Author Topic: SMTP Smuggling  (Read 581 times)

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Offline madiresTopic starter

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SMTP Smuggling
« on: December 23, 2023, 04:04:39 pm »
Some security researchers had fun with SMTP's end-of-message sequence (<CR><LF>.<CR><LF>):
SMTP Smuggling - Spoofing E-Mails Worldwide (https://sec-consult.com/blog/detail/smtp-smuggling-spoofing-e-mails-worldwide)

A few MTAs accept variations of the end-of-message sequence, e.g. <CR>.<CR>, and enable an attacker to smuggle and spoof emails including SPF. GMX and Microsoft have fixed the security issue, while Cisco claims it's a feature. It can be configured by the customer, but the default setting is to allow messages with an invalid end-of-message sequence and to convert it into the standard format.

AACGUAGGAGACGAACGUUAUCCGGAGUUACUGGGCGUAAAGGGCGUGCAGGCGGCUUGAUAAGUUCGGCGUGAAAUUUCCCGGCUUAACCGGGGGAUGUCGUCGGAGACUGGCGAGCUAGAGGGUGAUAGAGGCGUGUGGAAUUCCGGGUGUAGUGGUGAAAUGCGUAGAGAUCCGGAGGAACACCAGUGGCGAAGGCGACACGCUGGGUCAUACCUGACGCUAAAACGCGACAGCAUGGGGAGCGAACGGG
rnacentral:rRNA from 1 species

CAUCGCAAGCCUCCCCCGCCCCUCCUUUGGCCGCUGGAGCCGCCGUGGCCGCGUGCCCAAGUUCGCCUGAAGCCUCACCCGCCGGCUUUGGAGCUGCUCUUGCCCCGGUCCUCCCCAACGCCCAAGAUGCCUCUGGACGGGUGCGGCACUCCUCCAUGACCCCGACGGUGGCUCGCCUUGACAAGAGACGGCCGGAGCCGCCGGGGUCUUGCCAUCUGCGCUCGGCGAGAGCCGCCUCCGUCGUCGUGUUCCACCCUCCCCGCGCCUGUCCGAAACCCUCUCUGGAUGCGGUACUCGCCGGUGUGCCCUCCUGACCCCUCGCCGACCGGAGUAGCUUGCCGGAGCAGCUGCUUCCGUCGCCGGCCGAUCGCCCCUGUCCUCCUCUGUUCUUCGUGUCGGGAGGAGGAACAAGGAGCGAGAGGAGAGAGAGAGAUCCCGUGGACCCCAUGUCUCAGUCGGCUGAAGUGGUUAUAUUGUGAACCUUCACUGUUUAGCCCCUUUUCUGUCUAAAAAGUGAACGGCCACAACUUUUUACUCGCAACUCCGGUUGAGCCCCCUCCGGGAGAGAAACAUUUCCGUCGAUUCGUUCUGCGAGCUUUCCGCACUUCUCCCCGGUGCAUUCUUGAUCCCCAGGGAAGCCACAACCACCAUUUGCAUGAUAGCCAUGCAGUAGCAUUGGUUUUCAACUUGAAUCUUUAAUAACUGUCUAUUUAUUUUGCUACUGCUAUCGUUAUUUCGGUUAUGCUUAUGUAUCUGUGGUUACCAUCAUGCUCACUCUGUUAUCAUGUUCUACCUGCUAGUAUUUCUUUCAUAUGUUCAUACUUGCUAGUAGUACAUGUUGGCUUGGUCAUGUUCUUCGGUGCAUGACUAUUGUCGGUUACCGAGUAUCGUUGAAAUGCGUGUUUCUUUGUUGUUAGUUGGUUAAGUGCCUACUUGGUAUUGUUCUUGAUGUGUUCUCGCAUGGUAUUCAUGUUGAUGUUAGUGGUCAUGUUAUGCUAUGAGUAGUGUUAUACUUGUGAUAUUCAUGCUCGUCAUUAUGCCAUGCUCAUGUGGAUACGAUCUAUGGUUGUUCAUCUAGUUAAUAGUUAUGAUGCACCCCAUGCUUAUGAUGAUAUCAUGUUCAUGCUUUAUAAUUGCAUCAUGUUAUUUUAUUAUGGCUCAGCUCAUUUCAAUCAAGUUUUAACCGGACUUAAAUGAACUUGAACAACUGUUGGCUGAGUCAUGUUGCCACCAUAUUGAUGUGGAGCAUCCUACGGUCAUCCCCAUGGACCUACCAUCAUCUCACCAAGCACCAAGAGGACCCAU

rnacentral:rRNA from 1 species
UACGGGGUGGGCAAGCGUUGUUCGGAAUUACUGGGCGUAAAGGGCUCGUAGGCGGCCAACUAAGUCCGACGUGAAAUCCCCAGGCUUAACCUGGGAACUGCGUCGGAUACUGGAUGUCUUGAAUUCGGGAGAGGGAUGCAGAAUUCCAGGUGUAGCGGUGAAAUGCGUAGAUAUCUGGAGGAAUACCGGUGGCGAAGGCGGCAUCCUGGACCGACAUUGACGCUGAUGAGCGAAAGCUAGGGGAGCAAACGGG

Offline Halcyon

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Re: SMTP Smuggling
« Reply #1 on: December 24, 2023, 09:13:22 am »
So the takeaway is, implement a strong DMARC policy (which is the default recommendation on all reputable email services, including Google Workspace, Microsoft 365 etc...).

For those on M365, set up a mail flow rule that actually rejects emails that fail DMARC (as opposed to going to Quarantine). Microsoft in their wisdom ignore the p=reject tag and decide to do their own thing.

Sysadmins that think their mail servers that they set up 15 years ago are still secure need to reconsider their profession.
 

Offline madiresTopic starter

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Re: SMTP Smuggling
« Reply #2 on: December 24, 2023, 11:59:19 am »
... after an extensive period of testing. SPF is pretty simple, but DKIM causes headaches. Some large mail hosters do stupid things which break the DKIM check when receiving emails. For example, one mail hoster adds a specific header line if it's not set already. When the sender MTA signs the non-existence of that header line in DKIM, the mail hoster's MTA adds the header line and the DKIM verification fails. Also, the RFCs for DKIM are sloppy and a few mail hosters have created their own standards.
 


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